UNION CITY – Nearly 100 Branch County citizens attended a meeting last Thursday at Union City Middle School to hear about the effects of wind turbines. Guest speaker, Kevon Martis, a senior policy analyst of the Interstate Informed Citizens Coalition, Inc., a bipartisan grassroots renewable energy watchdog group not sponsored by any industry or advocacy group, was asked to speak to local citizens by the Concerned Citizens of Branch County group on ‘Zoning for Wind Energy; Trespass Zoning or Property Rights Zoning.’
Martis, former vice president of the Riga Township planning commission, worked for two years drafting agricultural preservation plans for his county which became a state model ordinance. He spoke about the true effects of wind turbines on human beings, animals, insects, birds, and other aspects of nature.
Martis started the meeting with a recording of the sound of a wind turbine played at 50dBa.
“Turbines make most of the noise in the spring and fall between midnight and 4 a.m.,” Martis said. “I am not a paid lobbyist. I donate my time as a volunteer and receive no financial compensation for my time.”
Earlier this year, Michael Sage, head of wind energy for DTE, said the firm is several years from putting a project in the northwest regions of Branch County, an area selected for a possible wind farm.
Sage said, during a Sherwood Planning Commission meeting in March, “this is the very early phase of the project.”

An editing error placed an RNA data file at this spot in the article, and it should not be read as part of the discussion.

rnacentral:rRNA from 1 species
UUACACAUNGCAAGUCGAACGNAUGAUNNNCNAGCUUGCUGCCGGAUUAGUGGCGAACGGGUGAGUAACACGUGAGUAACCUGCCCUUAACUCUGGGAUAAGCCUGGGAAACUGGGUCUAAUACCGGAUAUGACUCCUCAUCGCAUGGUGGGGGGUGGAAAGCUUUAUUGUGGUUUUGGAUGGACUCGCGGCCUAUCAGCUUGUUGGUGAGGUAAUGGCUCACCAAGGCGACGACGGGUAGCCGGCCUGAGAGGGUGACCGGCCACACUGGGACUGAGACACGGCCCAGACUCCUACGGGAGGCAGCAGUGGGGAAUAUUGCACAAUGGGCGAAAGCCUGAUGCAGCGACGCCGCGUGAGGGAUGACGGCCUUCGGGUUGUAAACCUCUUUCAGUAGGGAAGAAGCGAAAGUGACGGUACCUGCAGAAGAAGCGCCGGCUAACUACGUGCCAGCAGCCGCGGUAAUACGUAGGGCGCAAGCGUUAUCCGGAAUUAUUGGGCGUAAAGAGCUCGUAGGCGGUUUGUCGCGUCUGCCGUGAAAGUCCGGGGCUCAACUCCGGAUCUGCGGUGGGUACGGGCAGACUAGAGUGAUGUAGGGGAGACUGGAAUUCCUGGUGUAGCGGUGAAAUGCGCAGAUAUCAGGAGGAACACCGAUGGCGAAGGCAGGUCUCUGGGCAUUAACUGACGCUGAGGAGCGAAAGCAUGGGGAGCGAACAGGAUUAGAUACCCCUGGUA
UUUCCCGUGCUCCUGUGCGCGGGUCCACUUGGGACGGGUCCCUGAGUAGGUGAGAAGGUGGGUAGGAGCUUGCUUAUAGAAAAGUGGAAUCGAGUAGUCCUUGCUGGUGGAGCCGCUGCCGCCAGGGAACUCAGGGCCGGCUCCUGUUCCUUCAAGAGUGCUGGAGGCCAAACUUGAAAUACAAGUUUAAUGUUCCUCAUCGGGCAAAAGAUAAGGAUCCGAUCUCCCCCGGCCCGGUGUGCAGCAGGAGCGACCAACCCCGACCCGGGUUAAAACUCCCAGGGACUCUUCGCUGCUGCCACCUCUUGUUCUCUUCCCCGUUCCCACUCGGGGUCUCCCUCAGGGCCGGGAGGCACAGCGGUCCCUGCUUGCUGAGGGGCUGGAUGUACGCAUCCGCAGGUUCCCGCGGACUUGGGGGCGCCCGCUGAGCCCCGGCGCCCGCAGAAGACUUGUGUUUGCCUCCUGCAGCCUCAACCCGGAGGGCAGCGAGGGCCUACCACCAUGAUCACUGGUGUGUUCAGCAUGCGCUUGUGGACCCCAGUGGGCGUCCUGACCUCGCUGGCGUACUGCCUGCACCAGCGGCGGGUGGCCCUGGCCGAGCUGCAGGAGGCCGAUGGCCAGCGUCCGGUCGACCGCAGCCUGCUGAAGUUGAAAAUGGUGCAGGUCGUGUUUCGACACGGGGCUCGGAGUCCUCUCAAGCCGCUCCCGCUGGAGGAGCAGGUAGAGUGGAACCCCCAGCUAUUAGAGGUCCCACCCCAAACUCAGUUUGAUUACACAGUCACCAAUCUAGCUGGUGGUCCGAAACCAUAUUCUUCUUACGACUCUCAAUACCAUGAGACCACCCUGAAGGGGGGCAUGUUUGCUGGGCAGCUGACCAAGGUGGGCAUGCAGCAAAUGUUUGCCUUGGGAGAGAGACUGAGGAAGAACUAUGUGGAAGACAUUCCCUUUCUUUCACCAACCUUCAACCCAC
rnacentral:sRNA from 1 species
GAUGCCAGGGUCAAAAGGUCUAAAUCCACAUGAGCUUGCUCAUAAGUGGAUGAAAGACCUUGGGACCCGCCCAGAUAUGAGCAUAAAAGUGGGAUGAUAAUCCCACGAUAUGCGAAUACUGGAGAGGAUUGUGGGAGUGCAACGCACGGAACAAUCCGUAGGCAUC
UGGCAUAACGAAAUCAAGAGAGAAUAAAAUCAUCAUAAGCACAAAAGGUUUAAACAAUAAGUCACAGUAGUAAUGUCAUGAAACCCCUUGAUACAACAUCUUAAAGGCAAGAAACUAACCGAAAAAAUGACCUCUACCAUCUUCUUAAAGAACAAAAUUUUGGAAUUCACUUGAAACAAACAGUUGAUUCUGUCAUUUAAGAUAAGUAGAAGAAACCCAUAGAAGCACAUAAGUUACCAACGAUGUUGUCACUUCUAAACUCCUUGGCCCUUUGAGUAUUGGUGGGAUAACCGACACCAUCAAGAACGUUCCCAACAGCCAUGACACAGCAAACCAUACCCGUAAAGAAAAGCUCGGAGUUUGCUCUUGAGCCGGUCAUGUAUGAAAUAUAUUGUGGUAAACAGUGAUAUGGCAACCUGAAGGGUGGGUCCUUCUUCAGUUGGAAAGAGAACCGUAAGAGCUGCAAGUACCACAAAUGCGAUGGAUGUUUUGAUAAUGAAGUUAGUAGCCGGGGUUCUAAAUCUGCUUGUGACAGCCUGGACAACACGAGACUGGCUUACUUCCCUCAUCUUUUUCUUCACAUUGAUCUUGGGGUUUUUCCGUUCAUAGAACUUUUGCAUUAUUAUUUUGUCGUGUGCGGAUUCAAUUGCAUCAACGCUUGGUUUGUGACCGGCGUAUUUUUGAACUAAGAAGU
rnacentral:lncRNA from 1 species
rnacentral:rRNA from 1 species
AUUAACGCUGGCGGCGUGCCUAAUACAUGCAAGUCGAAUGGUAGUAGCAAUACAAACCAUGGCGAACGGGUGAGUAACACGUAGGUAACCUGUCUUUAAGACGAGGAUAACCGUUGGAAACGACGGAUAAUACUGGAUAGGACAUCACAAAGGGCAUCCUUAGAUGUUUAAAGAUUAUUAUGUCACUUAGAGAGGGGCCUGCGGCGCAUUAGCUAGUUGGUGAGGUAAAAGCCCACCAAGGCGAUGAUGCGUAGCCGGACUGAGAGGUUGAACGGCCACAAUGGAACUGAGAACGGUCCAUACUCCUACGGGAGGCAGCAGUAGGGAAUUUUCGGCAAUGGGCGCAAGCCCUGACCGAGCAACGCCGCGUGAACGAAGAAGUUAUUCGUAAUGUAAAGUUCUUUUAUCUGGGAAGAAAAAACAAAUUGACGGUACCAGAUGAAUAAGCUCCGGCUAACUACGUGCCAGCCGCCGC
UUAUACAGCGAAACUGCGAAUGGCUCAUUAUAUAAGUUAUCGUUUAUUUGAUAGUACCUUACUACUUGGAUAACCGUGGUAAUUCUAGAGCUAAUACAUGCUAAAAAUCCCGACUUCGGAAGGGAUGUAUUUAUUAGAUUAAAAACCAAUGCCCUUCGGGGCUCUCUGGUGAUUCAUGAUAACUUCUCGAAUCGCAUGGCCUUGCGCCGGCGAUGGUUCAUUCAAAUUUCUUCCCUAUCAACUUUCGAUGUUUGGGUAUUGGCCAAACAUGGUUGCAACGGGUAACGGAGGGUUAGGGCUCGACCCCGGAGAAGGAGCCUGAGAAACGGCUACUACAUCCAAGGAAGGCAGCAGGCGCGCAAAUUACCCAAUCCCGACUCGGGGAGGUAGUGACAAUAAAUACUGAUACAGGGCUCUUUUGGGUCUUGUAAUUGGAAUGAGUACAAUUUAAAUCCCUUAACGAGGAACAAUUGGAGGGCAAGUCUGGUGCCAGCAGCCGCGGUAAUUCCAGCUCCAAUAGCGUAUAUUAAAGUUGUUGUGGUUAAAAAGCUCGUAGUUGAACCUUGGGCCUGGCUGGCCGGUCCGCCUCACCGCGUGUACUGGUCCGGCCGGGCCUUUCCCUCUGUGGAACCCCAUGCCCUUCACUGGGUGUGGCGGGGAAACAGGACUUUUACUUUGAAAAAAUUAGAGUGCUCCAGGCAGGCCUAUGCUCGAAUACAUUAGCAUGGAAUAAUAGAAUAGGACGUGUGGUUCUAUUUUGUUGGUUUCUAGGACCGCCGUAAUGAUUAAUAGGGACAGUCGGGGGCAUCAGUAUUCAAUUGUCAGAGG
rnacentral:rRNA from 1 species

According to the CCBC, “many local people do not realize that DTE has signed more than 100 leases with local farmers to erect these industrial turbines in Branch County, and their effects are far-reaching and not confined merely to the land on which they are situated.”
During the presentation Martis said many people experience insomnia and heart palpitations, as well as other problems, from being continually exposed to the sound.
According to Martis additional effects of wind turbines including:
• Reduction in property values anywhere the turbines can be seen and/or heard.
•The possibility of fire in these turbines, as well as other structural problems, all of which pose insurmountable problems, due to their 500 ft. height alone.
•The possibility of DTE selling their interest in the turbines to foreign companies.
•Both the known, and unknown, adverse effects on wildlife, nature, and man.
•Townships, which have zoning, can adopt a moratorium prohibiting wind development which can last up to two years, and townships, which do not have zoning, can also adopt a moratorium.
Following Martis’ presentation, Pam Reed of Concerned Citizens of Branch County spoke, explained that the concerned citizens are not anti renewable energy, but they are anti improper siting of the turbines.
To learn more about the Concerned Citizens of Branch County, visit the group’s Facebook page or email them at concernedcitizensofbranchco@ gmail.com.
Andrea Tennyson of the Hometown Gazette and Don Reid of The Daily Reporter contributed to this story.
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